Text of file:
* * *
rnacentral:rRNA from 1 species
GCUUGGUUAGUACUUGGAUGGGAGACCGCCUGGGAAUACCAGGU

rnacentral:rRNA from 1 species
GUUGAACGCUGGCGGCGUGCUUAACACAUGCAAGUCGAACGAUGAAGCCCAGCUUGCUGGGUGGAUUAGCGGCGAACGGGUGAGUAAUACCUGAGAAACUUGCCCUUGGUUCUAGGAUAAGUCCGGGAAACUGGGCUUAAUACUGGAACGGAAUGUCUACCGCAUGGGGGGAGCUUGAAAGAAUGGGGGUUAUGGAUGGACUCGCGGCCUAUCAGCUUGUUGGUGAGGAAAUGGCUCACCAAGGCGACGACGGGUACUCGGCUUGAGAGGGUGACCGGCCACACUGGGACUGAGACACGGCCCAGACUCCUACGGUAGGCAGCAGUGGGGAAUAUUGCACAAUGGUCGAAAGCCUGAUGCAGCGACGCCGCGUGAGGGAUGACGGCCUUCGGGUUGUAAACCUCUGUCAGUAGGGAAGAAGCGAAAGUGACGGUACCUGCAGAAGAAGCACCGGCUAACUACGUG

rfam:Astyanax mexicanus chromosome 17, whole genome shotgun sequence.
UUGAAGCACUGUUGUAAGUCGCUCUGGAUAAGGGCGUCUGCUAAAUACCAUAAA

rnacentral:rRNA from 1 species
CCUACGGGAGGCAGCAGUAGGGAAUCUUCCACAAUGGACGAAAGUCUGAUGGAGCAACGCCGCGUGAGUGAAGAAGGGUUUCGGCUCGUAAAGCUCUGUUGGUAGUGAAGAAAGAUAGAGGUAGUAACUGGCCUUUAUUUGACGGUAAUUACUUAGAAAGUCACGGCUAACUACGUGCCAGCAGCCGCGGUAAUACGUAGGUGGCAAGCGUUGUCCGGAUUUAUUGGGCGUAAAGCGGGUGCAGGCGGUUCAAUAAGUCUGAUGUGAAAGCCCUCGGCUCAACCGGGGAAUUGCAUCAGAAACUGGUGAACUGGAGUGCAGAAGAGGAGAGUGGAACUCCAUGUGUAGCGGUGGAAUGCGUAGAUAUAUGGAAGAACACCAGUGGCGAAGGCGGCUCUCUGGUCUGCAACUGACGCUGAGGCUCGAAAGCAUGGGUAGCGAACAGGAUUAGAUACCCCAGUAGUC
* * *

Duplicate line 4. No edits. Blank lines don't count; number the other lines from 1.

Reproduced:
GUUGAACGCUGGCGGCGUGCUUAACACAUGCAAGUCGAACGAUGAAGCCCAGCUUGCUGGGUGGAUUAGCGGCGAACGGGUGAGUAAUACCUGAGAAACUUGCCCUUGGUUCUAGGAUAAGUCCGGGAAACUGGGCUUAAUACUGGAACGGAAUGUCUACCGCAUGGGGGGAGCUUGAAAGAAUGGGGGUUAUGGAUGGACUCGCGGCCUAUCAGCUUGUUGGUGAGGAAAUGGCUCACCAAGGCGACGACGGGUACUCGGCUUGAGAGGGUGACCGGCCACACUGGGACUGAGACACGGCCCAGACUCCUACGGUAGGCAGCAGUGGGGAAUAUUGCACAAUGGUCGAAAGCCUGAUGCAGCGACGCCGCGUGAGGGAUGACGGCCUUCGGGUUGUAAACCUCUGUCAGUAGGGAAGAAGCGAAAGUGACGGUACCUGCAGAAGAAGCACCGGCUAACUACGUG